Online edition of India's National Newspaper
Thursday, Jan 27, 2005

About Us
Contact Us
National
News: Front Page | National | Tamil Nadu | Andhra Pradesh | Karnataka | Kerala | New Delhi | Other States | International | Opinion | Business | Sport | Miscellaneous | Engagements |
Advts:
Classifieds | Employment | Obituary |

National Printer Friendly Page   Send this Article to a Friend

Finally, the world's first single-chip mobile phone

By Anand Parthasarathy

BANGALORE, JAN. 26. The race to create a single chip, to fuel all the electronics that go into a mobile phone ended on Monday. Texas Instruments (TI), U.S.-based digital signal processing leader, has announced success in putting on the same slab of silicon, two disparate set of circuits: the digital audio portion that handles the voice capability; and the radio frequency or RF circuits that send the signal, to and fro, as radio waves.

The challenge has been to make these twin elements work on the same chip, without interfering with each other — and the world's leading wireless chipmakers were known to be grappling with the complexity for three years now. The only element of the mobile phone's functioning that will not be on TI's Digital RF Processor chip is the software — and this will in all probability be "burned" on the memory chip that already controls the battery power.

The announcement by TI, was made simultaneously with Nokia — who is expected to be the first mobile phone-maker to come out with hand sets based on the single chip solution a year from now.

Analysts who have long characterised a one-chip phone as the "holy grail" of the cellular phone business, say the first products are expected to be mass-market entry-level models for the burgeoning markets of India and China. Gradually, more advanced, Internet-ready phones will go the one-chip way.

Other handset makers will inevitably embrace this technology which has the potential for huge savings in fabrication cost. One can also expect other chipmakers — particularly Intel, Philips and Qualcomm — to offer their own single-chip technology, any time now.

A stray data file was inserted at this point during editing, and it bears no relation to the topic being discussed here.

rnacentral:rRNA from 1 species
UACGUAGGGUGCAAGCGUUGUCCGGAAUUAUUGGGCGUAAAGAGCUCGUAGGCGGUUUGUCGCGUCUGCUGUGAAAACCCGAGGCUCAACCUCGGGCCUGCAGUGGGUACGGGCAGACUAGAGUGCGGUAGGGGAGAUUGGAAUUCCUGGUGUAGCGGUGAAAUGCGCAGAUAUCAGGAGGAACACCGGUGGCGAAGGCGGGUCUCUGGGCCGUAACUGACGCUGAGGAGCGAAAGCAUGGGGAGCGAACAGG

While TI does not often identify individual development centres with its products, it will surprise no one if key elements of the single-chip phone work was carried out in India.

Its Bangalore-based development team is a major research hothouse for the Texas-based company and has earlier created "Sangam," the world's first single-chip solution for a high-speed modem as well as "Ankur," an advanced digital signal processor.

Printer friendly page  
Send this article to Friends by E-Mail

National

News: Front Page | National | Tamil Nadu | Andhra Pradesh | Karnataka | Kerala | New Delhi | Other States | International | Opinion | Business | Sport | Miscellaneous | Engagements |
Advts:
Classifieds | Employment | Obituary | Updates: Breaking News |


News Update


The Hindu Group: Home | About Us | Copyright | Archives | Contacts | Subscription
Group Sites: The Hindu | Business Line | The Sportstar | Frontline | The Hindu eBooks | The Hindu Images | Home |

Copyright 2005, The Hindu. Republication or redissemination of the contents of this screen are expressly prohibited without the written consent of The Hindu